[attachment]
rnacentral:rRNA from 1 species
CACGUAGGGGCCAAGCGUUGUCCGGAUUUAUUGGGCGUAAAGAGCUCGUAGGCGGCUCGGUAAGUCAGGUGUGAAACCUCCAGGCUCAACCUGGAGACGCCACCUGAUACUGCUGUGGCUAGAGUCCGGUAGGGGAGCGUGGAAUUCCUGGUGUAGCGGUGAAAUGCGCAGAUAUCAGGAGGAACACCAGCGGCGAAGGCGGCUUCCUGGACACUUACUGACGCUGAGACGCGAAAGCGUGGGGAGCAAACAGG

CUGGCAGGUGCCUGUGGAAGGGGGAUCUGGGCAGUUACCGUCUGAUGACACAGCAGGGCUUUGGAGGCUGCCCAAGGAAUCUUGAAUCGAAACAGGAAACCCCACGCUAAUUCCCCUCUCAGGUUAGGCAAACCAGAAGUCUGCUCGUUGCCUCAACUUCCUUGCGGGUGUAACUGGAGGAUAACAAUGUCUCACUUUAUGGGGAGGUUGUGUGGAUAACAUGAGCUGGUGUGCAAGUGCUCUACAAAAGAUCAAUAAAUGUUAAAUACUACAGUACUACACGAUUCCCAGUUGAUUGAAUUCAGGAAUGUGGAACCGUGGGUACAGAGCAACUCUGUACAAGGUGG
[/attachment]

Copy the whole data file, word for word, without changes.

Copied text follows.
rnacentral:rRNA from 1 species
CACGUAGGGGCCAAGCGUUGUCCGGAUUUAUUGGGCGUAAAGAGCUCGUAGGCGGCUCGGUAAGUCAGGUGUGAAACCUCCAGGCUCAACCUGGAGACGCCACCUGAUACUGCUGUGGCUAGAGUCCGGUAGGGGAGCGUGGAAUUCCUGGUGUAGCGGUGAAAUGCGCAGAUAUCAGGAGGAACACCAGCGGCGAAGGCGGCUUCCUGGACACUUACUGACGCUGAGACGCGAAAGCGUGGGGAGCAAACAGG

CUGGCAGGUGCCUGUGGAAGGGGGAUCUGGGCAGUUACCGUCUGAUGACACAGCAGGGCUUUGGAGGCUGCCCAAGGAAUCUUGAAUCGAAACAGGAAACCCCACGCUAAUUCCCCUCUCAGGUUAGGCAAACCAGAAGUCUGCUCGUUGCCUCAACUUCCUUGCGGGUGUAACUGGAGGAUAACAAUGUCUCACUUUAUGGGGAGGUUGUGUGGAUAACAUGAGCUGGUGUGCAAGUGCUCUACAAAAGAUCAAUAAAUGUUAAAUACUACAGUACUACACGAUUCCCAGUUGAUUGAAUUCAGGAAUGUGGAACCGUGGGUACAGAGCAACUCUGUACAAGGUGG